The Do’s and Dont’s of Christmas Party Etiquette

It’s that time of year again, where every working citizen of society risks their reputation at the annual corporate Christmas party. Not to worry, we have your back! We want to ensure a bright and healthy future of employment for our readers, so we put together this simple list of office party do’s and don’ts. Adhere to this guide and you can be sure to have an enjoyable night and a painless return to your desk on Monday morning after the party.


  • Attend & Be Present
    Your office Christmas party may not be at the top of your list of places to be, but your presence tells a lot about your commitment to the company. Unless a major family emergency has emerged, last minute, be there, and be present.
  • Put Away Your Phone & Mingle
    Part of being present is avoiding distractions from your phone and making conversation with your colleagues, whether you know them or not. This makes a great opportunity to get to know the receptionist you never got acquainted with, or another department you don’t normally get to interact with. However much an introvert you might be, now is not the time to be anti-social. Now is the time to build stronger relationships and connections.
  • Prepare Questions & Conversation Topics
    Anticipate who you will talk to and prepare relevant questions to ask. Conversely, anticipate the questions you will receive and prepare to answer whatever may come your way. Be up-to-date with current news around the world, company, and community. Keep the conversation and body language positive, light and upbeat.
  • Prepare Your Plus One
    Whomever you decide to bring with you to the event, ensure you prepare them of sensitive conversational topics to steer clear of to avoid awkward silences and tangible tension. Did your colleague recently go through a messy divorce? Might be worth mentioning to your significant other or guest. Remember that your guests behaviour is a reflection of you.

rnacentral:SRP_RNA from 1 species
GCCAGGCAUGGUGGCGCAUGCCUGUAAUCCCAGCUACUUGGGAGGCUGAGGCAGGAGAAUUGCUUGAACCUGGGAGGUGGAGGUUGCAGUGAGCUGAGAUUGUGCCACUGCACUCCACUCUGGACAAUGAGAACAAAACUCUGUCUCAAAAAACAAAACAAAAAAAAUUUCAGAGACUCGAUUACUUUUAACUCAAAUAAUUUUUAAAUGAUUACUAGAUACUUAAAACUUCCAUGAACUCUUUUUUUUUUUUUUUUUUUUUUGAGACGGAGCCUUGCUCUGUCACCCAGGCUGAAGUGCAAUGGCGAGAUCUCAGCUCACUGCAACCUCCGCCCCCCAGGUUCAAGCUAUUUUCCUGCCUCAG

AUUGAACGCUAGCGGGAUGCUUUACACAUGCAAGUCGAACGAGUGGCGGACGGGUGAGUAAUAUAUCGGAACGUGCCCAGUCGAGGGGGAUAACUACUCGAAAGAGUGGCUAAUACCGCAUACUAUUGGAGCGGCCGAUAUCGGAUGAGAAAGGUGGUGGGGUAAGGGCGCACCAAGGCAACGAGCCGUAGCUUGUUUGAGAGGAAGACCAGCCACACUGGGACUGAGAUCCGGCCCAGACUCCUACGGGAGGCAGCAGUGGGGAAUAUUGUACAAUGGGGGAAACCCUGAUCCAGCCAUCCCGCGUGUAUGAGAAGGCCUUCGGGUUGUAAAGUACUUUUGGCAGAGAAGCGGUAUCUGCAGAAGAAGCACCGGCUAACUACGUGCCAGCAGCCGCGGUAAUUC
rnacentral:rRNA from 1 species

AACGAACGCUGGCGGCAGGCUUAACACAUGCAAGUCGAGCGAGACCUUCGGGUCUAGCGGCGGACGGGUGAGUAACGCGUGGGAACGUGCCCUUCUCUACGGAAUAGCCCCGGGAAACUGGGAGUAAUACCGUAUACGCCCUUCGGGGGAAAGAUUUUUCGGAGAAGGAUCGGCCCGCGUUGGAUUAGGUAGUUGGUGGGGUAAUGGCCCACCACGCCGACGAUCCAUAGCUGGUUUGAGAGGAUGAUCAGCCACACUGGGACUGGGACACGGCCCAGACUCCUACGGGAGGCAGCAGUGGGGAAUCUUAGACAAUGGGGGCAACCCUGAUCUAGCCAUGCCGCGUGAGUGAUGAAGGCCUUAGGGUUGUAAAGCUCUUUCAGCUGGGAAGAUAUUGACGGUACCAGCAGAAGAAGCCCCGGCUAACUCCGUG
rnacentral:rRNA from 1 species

• Dress to Impress
    If the party is ugly-Christmas-sweater-themed, then do wear your ugliest sweater, otherwise ditch the sweater. Unless there is a clear theme to dictate your dress code, dress like you would in the office, turned up a notch. Now is an appropriate time to pull that dress and tie out of the closet – but not that really short, really tight dress that shows off tons of cleavage.
  • Take Time to Thank The Host & Party Organizers
    A lot of hard work went into making this party happen. Make sure to acknowledge your gratitude for the time and effort that went into making this night possible. Seek out the host when it’s time to go to say goodbye. Also, try not to be the first to leave the party.
  • Plan Your Ride Home
    Typically, your company will coordinate taxi chits for you to get home safely. In any case, plan ahead of time to avoid long taxi or Uber waits, or worse, disaster.


  • Show Up Late
    Just as you would to any work day or business meeting, show up on time and continue to present yourself professionally.
  • Head Straight to The Bar
    First things first, ensure you seek out the host, your managers/bosses or owners to greet them hello. Take the time to greet other guests. If the event is taking place at someone’s home, it would make a thoughtful gesture to bring a bottle of wine as a gift.
  • Get Wasted
    Sure, Christmas parties are about having fun and letting loose, but don’t loosen up to the point that you cannot control yourself from spewing insulting curse words at your manager who you secretly resent or from doing something else completely foolish. Alcohol can help ease nerves and tension, but it can also harm your reputation and career if you don’t keep your intake to a minimum. The last thing you would want is to lose your job over something completely preventable.
  • Flirt
    However much you think this is the perfect night to profess your love to your office-mate, DON’T!!! We’re not going to elaborate on how much we think this is totally the inappropriate place to fire up that office romance, just don’t. And keep your hands to yourself, other than hand-shaking. If anyone was foolish enough to hang mistletoe, don’t even dare going near that thing.
  • Gossip
    Resist the temptation to criticize colleagues, discuss the details of a recent divorce, or vent about your boss. A good rule to abide by is: speak only if your words are more pleasant than silence.
  • Post That Picture of Yourself Doing a Keg Stand
    Sharing pictures of the event on social media is completely acceptable, as long as the photos are SFW (safe for work). Avoid posting photos while intoxicated, and keep your comments about the party positive, even if you think the party was a total bore.
  • Do Anything You Wouldn’t Do In The Office
    This is a simple guideline to keep you in line for the night – if you wouldn’t do it in the office, don’t do it at the party.